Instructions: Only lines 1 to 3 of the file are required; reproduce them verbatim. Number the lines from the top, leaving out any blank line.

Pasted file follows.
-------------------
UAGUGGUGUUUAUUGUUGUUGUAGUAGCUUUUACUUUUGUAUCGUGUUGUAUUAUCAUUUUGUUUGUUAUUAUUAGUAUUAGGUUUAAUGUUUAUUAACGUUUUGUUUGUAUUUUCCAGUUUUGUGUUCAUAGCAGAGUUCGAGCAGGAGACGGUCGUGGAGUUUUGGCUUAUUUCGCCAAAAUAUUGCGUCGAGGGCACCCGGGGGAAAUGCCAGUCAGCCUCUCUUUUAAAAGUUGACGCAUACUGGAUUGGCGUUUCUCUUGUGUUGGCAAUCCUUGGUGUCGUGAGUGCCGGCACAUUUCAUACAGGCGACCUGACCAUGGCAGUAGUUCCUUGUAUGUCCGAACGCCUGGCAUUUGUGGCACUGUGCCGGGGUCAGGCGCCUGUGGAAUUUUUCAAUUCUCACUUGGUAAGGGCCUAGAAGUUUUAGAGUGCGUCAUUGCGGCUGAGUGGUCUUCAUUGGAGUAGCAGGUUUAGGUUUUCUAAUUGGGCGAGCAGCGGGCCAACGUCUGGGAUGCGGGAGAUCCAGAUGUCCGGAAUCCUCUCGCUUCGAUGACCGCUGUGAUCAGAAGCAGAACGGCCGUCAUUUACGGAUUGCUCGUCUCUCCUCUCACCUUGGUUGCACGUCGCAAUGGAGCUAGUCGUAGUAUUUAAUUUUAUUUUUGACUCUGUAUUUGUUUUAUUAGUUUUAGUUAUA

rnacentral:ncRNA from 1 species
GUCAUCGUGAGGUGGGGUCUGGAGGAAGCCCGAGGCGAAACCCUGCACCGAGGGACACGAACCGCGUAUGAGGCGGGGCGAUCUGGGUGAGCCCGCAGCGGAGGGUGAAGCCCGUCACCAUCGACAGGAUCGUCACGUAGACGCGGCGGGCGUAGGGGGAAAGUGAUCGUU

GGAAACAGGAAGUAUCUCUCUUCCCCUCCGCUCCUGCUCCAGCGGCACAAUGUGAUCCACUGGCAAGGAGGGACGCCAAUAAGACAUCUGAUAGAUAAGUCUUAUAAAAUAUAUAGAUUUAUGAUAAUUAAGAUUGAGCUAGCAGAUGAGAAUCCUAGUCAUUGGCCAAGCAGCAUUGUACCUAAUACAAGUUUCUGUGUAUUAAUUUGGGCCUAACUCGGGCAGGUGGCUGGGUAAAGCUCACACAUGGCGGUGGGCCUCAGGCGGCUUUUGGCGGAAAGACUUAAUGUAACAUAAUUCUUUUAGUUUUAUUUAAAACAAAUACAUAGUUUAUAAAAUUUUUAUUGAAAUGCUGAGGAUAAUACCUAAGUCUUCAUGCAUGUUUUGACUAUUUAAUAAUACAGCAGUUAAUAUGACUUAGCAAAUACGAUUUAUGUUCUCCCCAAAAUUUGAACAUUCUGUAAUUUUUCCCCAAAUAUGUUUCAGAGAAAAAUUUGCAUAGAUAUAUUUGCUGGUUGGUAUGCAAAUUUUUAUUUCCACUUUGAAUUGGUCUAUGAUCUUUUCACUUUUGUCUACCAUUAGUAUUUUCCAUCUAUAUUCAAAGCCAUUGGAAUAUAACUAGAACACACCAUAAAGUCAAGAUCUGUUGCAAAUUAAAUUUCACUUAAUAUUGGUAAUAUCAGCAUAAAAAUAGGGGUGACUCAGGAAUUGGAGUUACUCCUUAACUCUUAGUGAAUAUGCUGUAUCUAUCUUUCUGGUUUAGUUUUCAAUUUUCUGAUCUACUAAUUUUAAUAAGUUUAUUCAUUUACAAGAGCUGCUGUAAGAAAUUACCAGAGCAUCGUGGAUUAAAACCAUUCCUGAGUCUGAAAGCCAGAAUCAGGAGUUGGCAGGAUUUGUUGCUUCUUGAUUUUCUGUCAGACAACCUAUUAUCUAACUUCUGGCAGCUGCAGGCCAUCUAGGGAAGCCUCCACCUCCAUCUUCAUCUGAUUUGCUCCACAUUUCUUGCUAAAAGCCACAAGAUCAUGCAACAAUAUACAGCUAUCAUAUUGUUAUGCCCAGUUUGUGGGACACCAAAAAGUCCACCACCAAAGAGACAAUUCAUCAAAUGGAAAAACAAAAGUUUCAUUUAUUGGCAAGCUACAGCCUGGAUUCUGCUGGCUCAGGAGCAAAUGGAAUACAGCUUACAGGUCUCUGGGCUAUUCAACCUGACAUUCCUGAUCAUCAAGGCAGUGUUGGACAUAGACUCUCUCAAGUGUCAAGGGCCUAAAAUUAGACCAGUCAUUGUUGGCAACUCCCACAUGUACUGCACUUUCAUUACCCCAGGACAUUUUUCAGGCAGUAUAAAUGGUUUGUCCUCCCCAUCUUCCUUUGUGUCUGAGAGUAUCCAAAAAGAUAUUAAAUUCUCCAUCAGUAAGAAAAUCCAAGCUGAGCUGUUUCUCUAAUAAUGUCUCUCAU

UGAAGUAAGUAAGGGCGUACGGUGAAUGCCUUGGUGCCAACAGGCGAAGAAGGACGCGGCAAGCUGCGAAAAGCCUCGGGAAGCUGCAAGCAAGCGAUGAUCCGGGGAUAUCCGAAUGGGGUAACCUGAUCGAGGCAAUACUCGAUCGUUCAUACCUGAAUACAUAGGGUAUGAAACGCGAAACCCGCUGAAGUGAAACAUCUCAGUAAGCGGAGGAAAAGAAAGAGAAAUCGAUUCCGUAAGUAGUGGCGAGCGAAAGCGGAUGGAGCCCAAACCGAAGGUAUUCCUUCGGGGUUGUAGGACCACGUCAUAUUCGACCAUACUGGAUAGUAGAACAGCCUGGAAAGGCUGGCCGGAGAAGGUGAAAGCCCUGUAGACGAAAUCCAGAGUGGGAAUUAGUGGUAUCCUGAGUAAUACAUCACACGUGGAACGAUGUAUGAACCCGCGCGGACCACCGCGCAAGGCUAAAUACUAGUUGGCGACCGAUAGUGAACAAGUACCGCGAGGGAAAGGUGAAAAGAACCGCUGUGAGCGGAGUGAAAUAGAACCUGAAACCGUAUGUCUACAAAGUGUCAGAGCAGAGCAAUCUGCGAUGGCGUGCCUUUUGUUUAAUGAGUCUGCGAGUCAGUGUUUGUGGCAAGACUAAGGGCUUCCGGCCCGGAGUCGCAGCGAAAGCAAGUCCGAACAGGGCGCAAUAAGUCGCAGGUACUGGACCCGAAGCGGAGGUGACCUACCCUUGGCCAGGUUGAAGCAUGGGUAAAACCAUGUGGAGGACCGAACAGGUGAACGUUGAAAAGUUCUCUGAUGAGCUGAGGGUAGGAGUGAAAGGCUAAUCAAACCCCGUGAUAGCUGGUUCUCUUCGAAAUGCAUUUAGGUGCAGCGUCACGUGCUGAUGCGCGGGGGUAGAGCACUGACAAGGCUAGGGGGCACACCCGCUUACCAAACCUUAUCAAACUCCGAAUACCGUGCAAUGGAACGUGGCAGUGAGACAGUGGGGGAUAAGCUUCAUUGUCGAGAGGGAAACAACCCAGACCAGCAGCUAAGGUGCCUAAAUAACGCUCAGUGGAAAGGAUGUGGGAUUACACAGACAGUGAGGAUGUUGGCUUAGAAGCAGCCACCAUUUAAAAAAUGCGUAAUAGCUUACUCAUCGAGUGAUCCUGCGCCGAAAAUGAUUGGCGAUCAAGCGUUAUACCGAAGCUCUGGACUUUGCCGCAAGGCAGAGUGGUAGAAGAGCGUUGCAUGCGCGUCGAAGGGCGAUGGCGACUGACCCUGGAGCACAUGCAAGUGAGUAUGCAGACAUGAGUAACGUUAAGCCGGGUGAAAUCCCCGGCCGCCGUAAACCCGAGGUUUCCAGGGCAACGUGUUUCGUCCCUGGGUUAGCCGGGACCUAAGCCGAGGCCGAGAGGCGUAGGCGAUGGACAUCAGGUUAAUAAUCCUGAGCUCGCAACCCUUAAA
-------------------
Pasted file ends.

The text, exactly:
UAGUGGUGUUUAUUGUUGUUGUAGUAGCUUUUACUUUUGUAUCGUGUUGUAUUAUCAUUUUGUUUGUUAUUAUUAGUAUUAGGUUUAAUGUUUAUUAACGUUUUGUUUGUAUUUUCCAGUUUUGUGUUCAUAGCAGAGUUCGAGCAGGAGACGGUCGUGGAGUUUUGGCUUAUUUCGCCAAAAUAUUGCGUCGAGGGCACCCGGGGGAAAUGCCAGUCAGCCUCUCUUUUAAAAGUUGACGCAUACUGGAUUGGCGUUUCUCUUGUGUUGGCAAUCCUUGGUGUCGUGAGUGCCGGCACAUUUCAUACAGGCGACCUGACCAUGGCAGUAGUUCCUUGUAUGUCCGAACGCCUGGCAUUUGUGGCACUGUGCCGGGGUCAGGCGCCUGUGGAAUUUUUCAAUUCUCACUUGGUAAGGGCCUAGAAGUUUUAGAGUGCGUCAUUGCGGCUGAGUGGUCUUCAUUGGAGUAGCAGGUUUAGGUUUUCUAAUUGGGCGAGCAGCGGGCCAACGUCUGGGAUGCGGGAGAUCCAGAUGUCCGGAAUCCUCUCGCUUCGAUGACCGCUGUGAUCAGAAGCAGAACGGCCGUCAUUUACGGAUUGCUCGUCUCUCCUCUCACCUUGGUUGCACGUCGCAAUGGAGCUAGUCGUAGUAUUUAAUUUUAUUUUUGACUCUGUAUUUGUUUUAUUAGUUUUAGUUAUA

rnacentral:ncRNA from 1 species
GUCAUCGUGAGGUGGGGUCUGGAGGAAGCCCGAGGCGAAACCCUGCACCGAGGGACACGAACCGCGUAUGAGGCGGGGCGAUCUGGGUGAGCCCGCAGCGGAGGGUGAAGCCCGUCACCAUCGACAGGAUCGUCACGUAGACGCGGCGGGCGUAGGGGGAAAGUGAUCGUU